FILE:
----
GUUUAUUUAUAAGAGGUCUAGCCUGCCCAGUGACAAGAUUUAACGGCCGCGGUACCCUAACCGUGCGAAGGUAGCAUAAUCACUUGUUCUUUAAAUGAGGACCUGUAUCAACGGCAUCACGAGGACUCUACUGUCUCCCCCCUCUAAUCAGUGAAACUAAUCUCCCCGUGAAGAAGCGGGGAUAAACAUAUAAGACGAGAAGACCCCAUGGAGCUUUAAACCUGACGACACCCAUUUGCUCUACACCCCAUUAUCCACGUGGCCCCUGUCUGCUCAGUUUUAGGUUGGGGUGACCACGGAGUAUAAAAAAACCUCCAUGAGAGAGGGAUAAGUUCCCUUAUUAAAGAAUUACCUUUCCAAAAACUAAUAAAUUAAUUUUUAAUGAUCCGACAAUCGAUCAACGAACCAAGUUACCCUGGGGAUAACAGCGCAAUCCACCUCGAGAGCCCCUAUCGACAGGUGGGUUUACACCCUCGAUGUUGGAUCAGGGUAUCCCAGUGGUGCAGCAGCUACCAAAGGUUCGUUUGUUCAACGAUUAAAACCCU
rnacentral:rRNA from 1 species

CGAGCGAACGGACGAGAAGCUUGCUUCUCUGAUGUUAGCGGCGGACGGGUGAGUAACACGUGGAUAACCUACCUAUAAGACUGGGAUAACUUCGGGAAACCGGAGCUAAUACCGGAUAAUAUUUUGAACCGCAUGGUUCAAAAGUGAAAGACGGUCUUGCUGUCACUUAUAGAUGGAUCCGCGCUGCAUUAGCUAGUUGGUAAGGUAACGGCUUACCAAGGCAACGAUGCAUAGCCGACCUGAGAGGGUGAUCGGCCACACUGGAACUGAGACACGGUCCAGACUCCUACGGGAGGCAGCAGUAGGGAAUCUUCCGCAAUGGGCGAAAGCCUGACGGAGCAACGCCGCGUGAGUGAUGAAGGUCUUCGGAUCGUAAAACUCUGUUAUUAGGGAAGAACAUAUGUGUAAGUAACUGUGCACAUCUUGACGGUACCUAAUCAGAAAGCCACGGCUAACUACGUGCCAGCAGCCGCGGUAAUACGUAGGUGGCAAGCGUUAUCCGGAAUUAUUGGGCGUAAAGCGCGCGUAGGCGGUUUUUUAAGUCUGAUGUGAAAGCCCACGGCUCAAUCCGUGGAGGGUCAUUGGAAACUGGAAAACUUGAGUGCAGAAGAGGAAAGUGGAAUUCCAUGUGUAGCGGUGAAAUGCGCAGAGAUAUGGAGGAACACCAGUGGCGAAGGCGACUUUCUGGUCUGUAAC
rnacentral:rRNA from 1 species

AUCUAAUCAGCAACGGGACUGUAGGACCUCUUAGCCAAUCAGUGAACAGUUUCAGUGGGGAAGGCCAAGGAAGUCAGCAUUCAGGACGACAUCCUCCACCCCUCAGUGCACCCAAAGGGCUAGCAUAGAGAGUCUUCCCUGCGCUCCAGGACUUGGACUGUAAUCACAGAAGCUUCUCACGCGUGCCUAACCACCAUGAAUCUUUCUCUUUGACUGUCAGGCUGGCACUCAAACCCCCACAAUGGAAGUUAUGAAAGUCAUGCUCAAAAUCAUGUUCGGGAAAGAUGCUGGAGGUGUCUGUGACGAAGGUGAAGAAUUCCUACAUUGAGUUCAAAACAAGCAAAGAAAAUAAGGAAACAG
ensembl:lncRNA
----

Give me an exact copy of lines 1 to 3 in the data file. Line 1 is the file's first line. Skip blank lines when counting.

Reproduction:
GUUUAUUUAUAAGAGGUCUAGCCUGCCCAGUGACAAGAUUUAACGGCCGCGGUACCCUAACCGUGCGAAGGUAGCAUAAUCACUUGUUCUUUAAAUGAGGACCUGUAUCAACGGCAUCACGAGGACUCUACUGUCUCCCCCCUCUAAUCAGUGAAACUAAUCUCCCCGUGAAGAAGCGGGGAUAAACAUAUAAGACGAGAAGACCCCAUGGAGCUUUAAACCUGACGACACCCAUUUGCUCUACACCCCAUUAUCCACGUGGCCCCUGUCUGCUCAGUUUUAGGUUGGGGUGACCACGGAGUAUAAAAAAACCUCCAUGAGAGAGGGAUAAGUUCCCUUAUUAAAGAAUUACCUUUCCAAAAACUAAUAAAUUAAUUUUUAAUGAUCCGACAAUCGAUCAACGAACCAAGUUACCCUGGGGAUAACAGCGCAAUCCACCUCGAGAGCCCCUAUCGACAGGUGGGUUUACACCCUCGAUGUUGGAUCAGGGUAUCCCAGUGGUGCAGCAGCUACCAAAGGUUCGUUUGUUCAACGAUUAAAACCCU
rnacentral:rRNA from 1 species

CGAGCGAACGGACGAGAAGCUUGCUUCUCUGAUGUUAGCGGCGGACGGGUGAGUAACACGUGGAUAACCUACCUAUAAGACUGGGAUAACUUCGGGAAACCGGAGCUAAUACCGGAUAAUAUUUUGAACCGCAUGGUUCAAAAGUGAAAGACGGUCUUGCUGUCACUUAUAGAUGGAUCCGCGCUGCAUUAGCUAGUUGGUAAGGUAACGGCUUACCAAGGCAACGAUGCAUAGCCGACCUGAGAGGGUGAUCGGCCACACUGGAACUGAGACACGGUCCAGACUCCUACGGGAGGCAGCAGUAGGGAAUCUUCCGCAAUGGGCGAAAGCCUGACGGAGCAACGCCGCGUGAGUGAUGAAGGUCUUCGGAUCGUAAAACUCUGUUAUUAGGGAAGAACAUAUGUGUAAGUAACUGUGCACAUCUUGACGGUACCUAAUCAGAAAGCCACGGCUAACUACGUGCCAGCAGCCGCGGUAAUACGUAGGUGGCAAGCGUUAUCCGGAAUUAUUGGGCGUAAAGCGCGCGUAGGCGGUUUUUUAAGUCUGAUGUGAAAGCCCACGGCUCAAUCCGUGGAGGGUCAUUGGAAACUGGAAAACUUGAGUGCAGAAGAGGAAAGUGGAAUUCCAUGUGUAGCGGUGAAAUGCGCAGAGAUAUGGAGGAACACCAGUGGCGAAGGCGACUUUCUGGUCUGUAAC